Elevate Solution is an application designed to enhance communication between patient and healthcare professionals. Work by Kia Alavi. Designers affect the quality of life and well-being of individuals and entire populations through the designs they create.
Today, some of the most exciting design work is being carried out in the broad and diverse field of health. Nearly every aspect of health care needs design expertise. Issues considered in the program include:. The interdisciplinary Design for Health program has four main themes delivered primarily through studio-based learning with partnered projects:.
We developed the MDes in Design for Health primarily for people who already have educational and practical experience in an area of design but also for people in the health sector who are committed to design. Most students will hold an undergraduate degree in design or a related field, and some will have experience in health administration, patient advocacy, health services, or health technology. We have many scholarships and funding opportunities available to students in the Design for Health program. For this scholarship there are special application requirements.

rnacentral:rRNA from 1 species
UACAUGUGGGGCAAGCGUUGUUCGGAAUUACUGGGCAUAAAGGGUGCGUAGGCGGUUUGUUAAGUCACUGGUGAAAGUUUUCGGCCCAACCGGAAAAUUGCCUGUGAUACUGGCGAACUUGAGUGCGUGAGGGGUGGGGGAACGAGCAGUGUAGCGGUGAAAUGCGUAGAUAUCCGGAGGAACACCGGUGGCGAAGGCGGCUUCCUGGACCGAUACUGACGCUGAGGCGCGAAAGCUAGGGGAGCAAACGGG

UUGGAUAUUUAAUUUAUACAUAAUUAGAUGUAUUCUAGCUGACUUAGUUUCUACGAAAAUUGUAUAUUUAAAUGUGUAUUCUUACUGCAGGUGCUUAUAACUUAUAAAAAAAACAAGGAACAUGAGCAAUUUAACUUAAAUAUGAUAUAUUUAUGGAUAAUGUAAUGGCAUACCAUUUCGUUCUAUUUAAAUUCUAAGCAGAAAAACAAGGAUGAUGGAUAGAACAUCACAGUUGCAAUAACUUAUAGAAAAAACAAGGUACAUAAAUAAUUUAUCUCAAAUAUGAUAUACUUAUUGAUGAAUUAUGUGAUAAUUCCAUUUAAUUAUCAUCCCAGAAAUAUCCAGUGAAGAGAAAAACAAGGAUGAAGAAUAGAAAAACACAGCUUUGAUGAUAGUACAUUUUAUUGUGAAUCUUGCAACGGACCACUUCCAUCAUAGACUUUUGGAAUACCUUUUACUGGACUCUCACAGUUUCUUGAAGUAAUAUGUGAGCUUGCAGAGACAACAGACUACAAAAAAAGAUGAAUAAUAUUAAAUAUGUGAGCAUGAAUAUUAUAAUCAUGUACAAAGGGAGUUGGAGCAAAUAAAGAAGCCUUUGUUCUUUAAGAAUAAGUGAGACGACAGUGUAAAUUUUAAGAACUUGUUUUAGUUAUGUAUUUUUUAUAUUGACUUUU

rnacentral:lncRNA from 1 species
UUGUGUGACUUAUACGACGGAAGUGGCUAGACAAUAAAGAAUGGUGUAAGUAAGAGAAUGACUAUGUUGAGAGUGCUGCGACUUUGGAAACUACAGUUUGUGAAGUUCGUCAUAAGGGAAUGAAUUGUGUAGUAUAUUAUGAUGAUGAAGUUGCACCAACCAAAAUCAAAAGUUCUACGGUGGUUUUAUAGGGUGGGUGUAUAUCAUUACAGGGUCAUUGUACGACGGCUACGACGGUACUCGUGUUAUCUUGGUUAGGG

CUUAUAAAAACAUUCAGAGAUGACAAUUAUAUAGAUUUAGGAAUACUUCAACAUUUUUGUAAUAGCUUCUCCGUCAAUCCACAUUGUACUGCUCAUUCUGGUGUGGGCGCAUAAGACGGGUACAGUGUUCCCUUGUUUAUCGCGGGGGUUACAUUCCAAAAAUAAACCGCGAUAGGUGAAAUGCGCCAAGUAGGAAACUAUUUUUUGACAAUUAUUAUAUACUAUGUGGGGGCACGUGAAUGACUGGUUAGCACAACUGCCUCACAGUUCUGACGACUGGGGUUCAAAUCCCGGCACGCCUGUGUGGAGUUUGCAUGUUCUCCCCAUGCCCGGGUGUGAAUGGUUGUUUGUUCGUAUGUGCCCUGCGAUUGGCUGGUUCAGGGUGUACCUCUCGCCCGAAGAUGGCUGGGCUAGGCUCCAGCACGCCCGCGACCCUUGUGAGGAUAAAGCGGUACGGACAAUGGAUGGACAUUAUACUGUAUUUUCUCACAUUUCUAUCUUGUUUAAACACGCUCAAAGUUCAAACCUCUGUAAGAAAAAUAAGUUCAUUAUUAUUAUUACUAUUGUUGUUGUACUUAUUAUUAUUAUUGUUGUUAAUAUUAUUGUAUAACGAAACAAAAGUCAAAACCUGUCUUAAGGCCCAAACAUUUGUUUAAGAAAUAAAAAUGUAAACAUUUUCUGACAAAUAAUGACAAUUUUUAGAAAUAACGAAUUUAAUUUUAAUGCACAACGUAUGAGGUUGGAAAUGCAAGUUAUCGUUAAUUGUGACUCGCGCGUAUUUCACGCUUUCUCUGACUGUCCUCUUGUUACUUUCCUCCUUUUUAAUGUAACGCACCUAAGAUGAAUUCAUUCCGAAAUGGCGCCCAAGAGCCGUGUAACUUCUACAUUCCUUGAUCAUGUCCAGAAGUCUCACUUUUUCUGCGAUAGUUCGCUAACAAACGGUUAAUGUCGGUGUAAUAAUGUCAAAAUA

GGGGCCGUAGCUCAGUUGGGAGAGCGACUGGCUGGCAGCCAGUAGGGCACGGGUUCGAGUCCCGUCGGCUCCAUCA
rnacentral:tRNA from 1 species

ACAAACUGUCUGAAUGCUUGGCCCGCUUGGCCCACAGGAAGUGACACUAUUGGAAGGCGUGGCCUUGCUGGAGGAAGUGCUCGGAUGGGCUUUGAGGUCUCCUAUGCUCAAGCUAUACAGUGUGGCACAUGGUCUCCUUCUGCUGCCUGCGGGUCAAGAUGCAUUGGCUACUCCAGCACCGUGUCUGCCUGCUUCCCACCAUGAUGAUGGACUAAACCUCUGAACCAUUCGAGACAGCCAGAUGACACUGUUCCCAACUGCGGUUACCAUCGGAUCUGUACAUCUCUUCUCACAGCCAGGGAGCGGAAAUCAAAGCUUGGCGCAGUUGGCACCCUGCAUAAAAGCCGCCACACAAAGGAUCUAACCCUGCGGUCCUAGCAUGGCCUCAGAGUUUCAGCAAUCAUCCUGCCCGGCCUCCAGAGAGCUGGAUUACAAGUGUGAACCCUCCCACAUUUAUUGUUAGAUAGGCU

For further details, please click here. Established in by the Manchee Family. Semple Graduate Scholarship. Although the impact of missing outcome data and missing covariates on study results can be reduced through the use of multiple imputation techniques, no method of analysis can be expected to overcome them completely [ 17 ].
Longer and more demanding tasks might be expected to have fewer volunteers than shorter, easier tasks. The evidence from randomised trials of questionnaire length in a range of settings seems to support the notion that when it comes to questionnaire design 'shorter is better' [ 18 ]. Recent evidence that a longer questionnaire achieved the same high response proportion as that of a shorter alternative might cast doubt on the importance of the number of questions included in a questionnaire [ 19 ].